Silver In a Romney Regime
The presidential election is a repeat. Turn off the televised elections. This stuff hasn’t been relevant since Kennedy outshined Nixon in the first televised presidential debates. There are differences, but they are virtually non-existent. Republicans want to champion cutting taxes on business and in other ways boosting business profits, companies will hire and produce more goods and get out of the long-term economic crisis. Obama and the democrats agree with the republicans, but maintain benefits to corporations must also be balanced by welfare via social programs.
Bush and Obama have fused the two programs, and no mixture of the two have worked. No matter the hew, Republican or Democrat, the economic crisis is ongoing on the future is one of depressed decline. That means that continued currency devaluation, and that is no surprise as the Federal Reserve recently announced QE in perpetuity, preferring quantities of Federal Reserve Notes over quality of Federal Reserve Notes.
That means Gresham’s Law won’t vanish suddenly at the threat of responsible policies from a Romney Regime, for, in the Republicans case, with their propagandistic emphasis on lowering the tax rate on business, one can only assume that raising the taxes on individuals and families is incoming. This will cut the average man and woman’s ability to buy things, thus nullifying the tax rate on business. If you lower taxes on corporations, but don’t raise them on the poor, then social programs will be cut, and government workers will lose their jobs.
In other words, as Romney takes the helm, if that come January is the case, there will be no paradigm shift to compromise the current silver bull market. Let’s not forget that it was Bush who, as banks failed, ushered in the open bailout era. And so, the republicans bailed out the banks, and the nation was angry, including the democrats. And then the Democrats came to power, and bailed out the banks some more, and the republicans acted angry as if they were merely on the sidelines and not participants.
Both parties are corporatist. The Democrats protest the banks while doing as they please, while the Republicans got down on their knees.
At the beginning of September, Romney made public a fifty-nine point economic plan including cutting corporate tax rates, reducing government spending, eliminating free market regulations, and curbing the power of labor unions. Ten actions he would take, or so the presidential hopeful outlined, included five bills to Congress and five executive orders meant to “foster economic growth and create jobs on his first day in the White House.” Five bills would propose reducing the corporate tax rate from 35-25 percent; hunting for new energy reserves; streamlining federal retraining programs and giving them to the states; as well as cutting non-security discretionary spending by 5 percent .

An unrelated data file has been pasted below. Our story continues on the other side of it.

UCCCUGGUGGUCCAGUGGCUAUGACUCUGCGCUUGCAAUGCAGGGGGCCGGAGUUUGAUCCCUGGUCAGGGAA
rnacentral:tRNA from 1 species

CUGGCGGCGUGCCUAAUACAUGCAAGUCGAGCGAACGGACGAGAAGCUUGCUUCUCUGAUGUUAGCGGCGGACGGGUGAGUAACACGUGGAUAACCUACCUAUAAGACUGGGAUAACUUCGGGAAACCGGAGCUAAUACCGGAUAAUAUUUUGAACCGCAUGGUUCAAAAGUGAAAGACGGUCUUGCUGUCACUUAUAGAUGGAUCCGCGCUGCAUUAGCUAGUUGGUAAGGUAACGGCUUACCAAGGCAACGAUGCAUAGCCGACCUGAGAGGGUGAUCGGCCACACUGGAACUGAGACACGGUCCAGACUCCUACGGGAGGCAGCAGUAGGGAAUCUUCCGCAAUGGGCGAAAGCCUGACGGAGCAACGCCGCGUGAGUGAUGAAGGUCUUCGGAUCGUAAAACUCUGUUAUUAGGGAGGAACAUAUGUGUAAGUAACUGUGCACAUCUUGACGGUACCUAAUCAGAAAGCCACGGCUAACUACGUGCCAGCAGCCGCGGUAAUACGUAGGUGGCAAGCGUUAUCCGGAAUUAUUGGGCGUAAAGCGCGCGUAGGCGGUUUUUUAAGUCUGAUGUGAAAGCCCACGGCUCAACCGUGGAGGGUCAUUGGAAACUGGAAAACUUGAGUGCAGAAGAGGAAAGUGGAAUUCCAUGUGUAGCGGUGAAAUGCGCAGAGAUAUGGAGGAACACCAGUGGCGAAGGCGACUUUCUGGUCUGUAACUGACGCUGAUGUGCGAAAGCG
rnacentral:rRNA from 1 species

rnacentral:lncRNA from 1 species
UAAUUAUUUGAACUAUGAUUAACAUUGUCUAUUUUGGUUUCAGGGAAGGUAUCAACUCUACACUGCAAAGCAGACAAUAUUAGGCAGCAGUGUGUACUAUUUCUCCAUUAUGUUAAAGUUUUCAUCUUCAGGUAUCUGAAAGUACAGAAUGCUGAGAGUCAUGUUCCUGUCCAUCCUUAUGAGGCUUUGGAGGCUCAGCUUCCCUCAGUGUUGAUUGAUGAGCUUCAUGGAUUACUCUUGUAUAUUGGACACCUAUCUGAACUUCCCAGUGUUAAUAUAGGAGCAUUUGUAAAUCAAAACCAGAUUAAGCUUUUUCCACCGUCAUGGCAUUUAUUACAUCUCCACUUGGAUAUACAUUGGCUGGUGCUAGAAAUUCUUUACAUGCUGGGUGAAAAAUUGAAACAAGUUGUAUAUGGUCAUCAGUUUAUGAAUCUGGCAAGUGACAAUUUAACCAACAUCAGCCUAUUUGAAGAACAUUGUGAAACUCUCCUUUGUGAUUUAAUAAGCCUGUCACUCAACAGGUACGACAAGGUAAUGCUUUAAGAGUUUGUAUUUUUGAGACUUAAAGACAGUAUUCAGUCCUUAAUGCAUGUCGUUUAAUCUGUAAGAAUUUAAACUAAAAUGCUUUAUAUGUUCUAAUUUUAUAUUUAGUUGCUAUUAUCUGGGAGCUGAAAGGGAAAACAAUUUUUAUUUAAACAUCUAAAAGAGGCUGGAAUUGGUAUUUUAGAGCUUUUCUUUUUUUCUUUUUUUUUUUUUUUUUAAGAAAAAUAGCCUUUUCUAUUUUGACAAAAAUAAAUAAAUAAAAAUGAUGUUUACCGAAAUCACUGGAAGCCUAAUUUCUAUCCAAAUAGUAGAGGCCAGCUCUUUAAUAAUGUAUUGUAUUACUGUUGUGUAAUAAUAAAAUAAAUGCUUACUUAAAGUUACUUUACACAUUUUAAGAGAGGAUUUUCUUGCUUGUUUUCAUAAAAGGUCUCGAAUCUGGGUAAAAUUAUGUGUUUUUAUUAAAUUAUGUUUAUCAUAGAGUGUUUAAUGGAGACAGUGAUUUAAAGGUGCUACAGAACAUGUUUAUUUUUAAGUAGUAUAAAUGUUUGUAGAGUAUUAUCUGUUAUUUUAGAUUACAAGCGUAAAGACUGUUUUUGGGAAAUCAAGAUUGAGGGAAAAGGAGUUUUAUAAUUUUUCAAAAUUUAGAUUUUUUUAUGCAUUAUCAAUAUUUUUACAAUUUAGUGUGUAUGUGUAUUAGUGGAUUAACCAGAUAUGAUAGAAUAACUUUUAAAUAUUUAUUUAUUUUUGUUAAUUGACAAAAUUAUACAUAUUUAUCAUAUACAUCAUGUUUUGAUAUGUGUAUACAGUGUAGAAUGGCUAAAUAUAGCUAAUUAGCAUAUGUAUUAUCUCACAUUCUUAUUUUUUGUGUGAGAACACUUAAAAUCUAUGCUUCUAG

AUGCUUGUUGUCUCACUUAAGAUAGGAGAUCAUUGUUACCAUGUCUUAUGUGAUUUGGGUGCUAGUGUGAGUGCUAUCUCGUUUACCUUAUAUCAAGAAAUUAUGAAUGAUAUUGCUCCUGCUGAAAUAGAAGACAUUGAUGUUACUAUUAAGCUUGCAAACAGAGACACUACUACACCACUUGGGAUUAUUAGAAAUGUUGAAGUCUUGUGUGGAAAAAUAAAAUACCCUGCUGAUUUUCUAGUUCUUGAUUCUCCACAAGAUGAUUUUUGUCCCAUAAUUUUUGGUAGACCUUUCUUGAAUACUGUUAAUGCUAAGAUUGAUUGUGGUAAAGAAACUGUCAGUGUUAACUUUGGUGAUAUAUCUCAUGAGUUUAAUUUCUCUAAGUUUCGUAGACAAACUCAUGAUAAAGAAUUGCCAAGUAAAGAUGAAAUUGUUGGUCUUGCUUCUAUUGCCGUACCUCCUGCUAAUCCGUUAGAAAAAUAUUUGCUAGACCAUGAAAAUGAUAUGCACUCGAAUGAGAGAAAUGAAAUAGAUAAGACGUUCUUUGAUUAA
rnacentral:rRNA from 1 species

He champions an end to “Obama-era regulations” and issue oil drilling permits to developers, while pinpointing China as a virtual terrorist “currency manipulator” and look into imposing countervailing duties on Chinese imports; and reverse the executive orders issued by Obama that favor organized labor.
“I propose a different course, a new course unlike any of our past. It will draw on the creativity and invention of the world’s most innovative citizenry,” Romney said. “Government will be their partner, not their master. And government will be small enough for businesses to grow fast enough–fast enough to exploit the global opportunities in our changing world, fast enough to create better jobs, fast enough to provide our children with a future brighter than our past.”
In an op-ed, Romney assured the voter that he would cut individual tax rates so as “to jump-start job creation, grow the economy, and help Americans keep more of their hard-earned dollars.”
In May, Romney argued against the concept of “too big to fail,” and discussed the US debt situation and unfolding eurozone collapse: “My own view is that if a large bank gets in difficulty, why, it can fail,” he said. “There’s no reason why the shareholders or bondholders of a bank can’t lose their funds if a bank were to get in trouble.”
In the same interview, Romney also called the bailout in 2008/2009 the right decision because there was a systemic problem that had to be repaired or the nation would be threatened by “complete collapse of our economic or our currency system.”
The Romney-Ryan campaign has also given the idea of a return to the gold standard some lip-service. The Republican platform in 1980 referred to “restoration of a dependable monetary standard”, while the 1984 platform said that “the gold standard may be a useful mechanism”. More recent platforms did not mention it.
Gold standard or not, state-run economics will remain the status-quo and the US will continue its grave decline. Nothing short of a mass public awakening to the state-enterprise perpetual destruction machine will create the better conditions in which thoughts and ideas can bear fruit. The US is in decline, as incomes are declining and more than half of the population lives beneath the poverty line. For that reason, silver in a Romney Regime will look like it has during the Bush and Obama regimes.